Gotu kola is used for burns and poor circulation that can lead to varicose veins (venous insufficiency). It is also used for scars, stretch marks, and many other conditions but there is no good scientific evidence to support these uses.
How does it work ?
Uses & Effectiveness ?
Possibly Effective for
- Burns. Applying gotu kola to second-degree burns seems todecrease the time that it takes for burns to heal.
- Poor circulation that can lead to varicose veins and other conditions (venous insufficiency). Taking gotu kola or a specific extract of gotu kola (Centellase) by mouth for 4-8 weeks seems to improve blood circulation and reduce swelling in people with poor blood circulation in the legs.
Possibly Ineffective for
- Skin damage caused by radiation therapy (radiation dermatitis). Applying a cream containing gotu kola extract doesn't seem to reduce the severity of skin damage caused by radiation in women being treated for breast cancer.
Insufficient Evidence for
- Hardening of the arteries (atherosclerosis). People with atherosclerosis have fatty deposits called plaques along the lining of their blood vessels. There is some evidence that taking gotu kola for 3 months to 4 years, with or without maritime pine, might help stabilize these plaques so they are less likely to break off and trigger clot formation. This could reduce the risk of a heart attack or stroke.
- A disease of small blood vessels in people with diabetes (diabetic microangiopathy). Taking gotu kola for 6-12 months might help increase circulation and decrease fluid retention in people with diabetes whose small blood vessels have been damaged by their disease.
- Excess scar tissue (keloids). There is some evidence that applying an extract of gotu kola to the skin might help reduce keloids. Early research also shows that taking gotu kola by mouth may improve the appearance of keloids.
- Scarring. Early research suggests that applying a specific gotu kola cream (Alpha Centella, not available in the U.S.) to the skin twice daily for 6-8 weeks after the removal of stitches might help reduce scarring.
- A disease caused by parasitic worms (schistosomiasis). There is some evidence that gotu kola injected by a healthcare provider might help bladder wounds caused by a parasitic infection called schistosomiasis.
- Stretch marks. Applying cream containing gotu kola and other ingredients may help prevent stretch marks during pregnancy. Early research also shows that taking gotu kola seems to make stretch marks thicker and more flexible when compared to using stretch mark creams.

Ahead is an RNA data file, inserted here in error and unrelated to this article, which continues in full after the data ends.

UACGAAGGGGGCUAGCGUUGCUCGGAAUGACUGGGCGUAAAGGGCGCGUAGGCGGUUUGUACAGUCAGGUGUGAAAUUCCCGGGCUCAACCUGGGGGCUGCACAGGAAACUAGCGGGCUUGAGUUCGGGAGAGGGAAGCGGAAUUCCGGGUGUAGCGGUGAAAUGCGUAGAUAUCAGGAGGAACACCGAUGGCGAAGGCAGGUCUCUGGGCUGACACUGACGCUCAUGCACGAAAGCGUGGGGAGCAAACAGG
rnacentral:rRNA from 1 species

- Blood clots that form in the veins (venous thromboembolism or VTE). Gotu kola might help prevent blood clots from occurring during long plane flights. Early research shows that gotu kola might decrease fluid retention and improve blood circulation in people traveling on airplanes for more than 3 hours. But it's unknown if this finding translates into fewer blood clots.
- Wound healing. Early research shows that applying gotu kola on the skin helps improve wound healing.
- Eczema (atopic dermatitis).
- Memory and thinking skills (cognitive function).
- Thick, raised scars (hypertrophic scars).
- Common cold and flu.
- Urinary tract infection (UTI).
- Other conditions.
When applied to the skin: Gotu kola is POSSIBLY SAFE for most people when applied to the skin for up to 10 weeks. Gotu kola may cause itchiness and redness.
Special Precautions and Warnings
Lactation: There isn't enough reliable information to know if gotu kola is safe to use when breast-feeding. Stay on the safe side and avoid use.
Liver disease: There is concern that gotu kola might cause liver damage. People who already have a liver disease should avoid using gotu kola. It might make liver problems worse.
Surgery: Gotu kola might cause too much sleepiness if combined with medications used during and after surgery. Stop using gotu kola at least 2 weeks before a scheduled surgery.
Sedative medications (CNS depressants) interacts with GOTU KOLA
Large amounts of gotu kola might cause sleepiness and drowsiness. Medications that cause sleepiness are called sedatives. Taking gotu kola along with sedative medications might cause too much sleepiness.
Some sedative medications include clonazepam (Klonopin), lorazepam (Ativan), phenobarbital (Donnatal), zolpidem (Ambien), and others.
Do not take this combination
Medications that can harm the liver (Hepatotoxic drugs) interacts with GOTU KOLA
Gotu kola might harm the liver. Taking gotu kola along with medication that might also harm the liver can increase the risk of liver damage.
Some medications that can harm the liver include acetaminophen (Tylenol and others), amiodarone (Cordarone), carbamazepine (Tegretol), isoniazid (INH), methotrexate (Rheumatrex), methyldopa (Aldomet), fluconazole (Diflucan), itraconazole (Sporanox), erythromycin (Erythrocin, Ilosone, others), phenytoin (Dilantin), lovastatin (Mevacor), pravastatin (Pravachol), simvastatin (Zocor), and many others.
Be cautious with this combination
- For poor circulation that can lead to varicose veins and other conditions (venous insufficiency): 60-180 mg of gotu kola extract daily has been used.
- For burns: A cream containing 3% gotu kola, applied to the burns daily, has been used until the burns heal. A gauze dressing containing 5% gotu kola and 2.5% aloe vera, wrapped around the burns and changed every 3 days, has been used until the burns heal.
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Cesarone MR, Incandela L, De Sanctis MT, and et al. Evaluation of treatment of diabetic microangiopathy with total triterpenic fraction of Centella asiatica: a clinical prospective randomized trial with a microcirculatory model. Angiology 2001;52(10 suppl 2):S49-S54.
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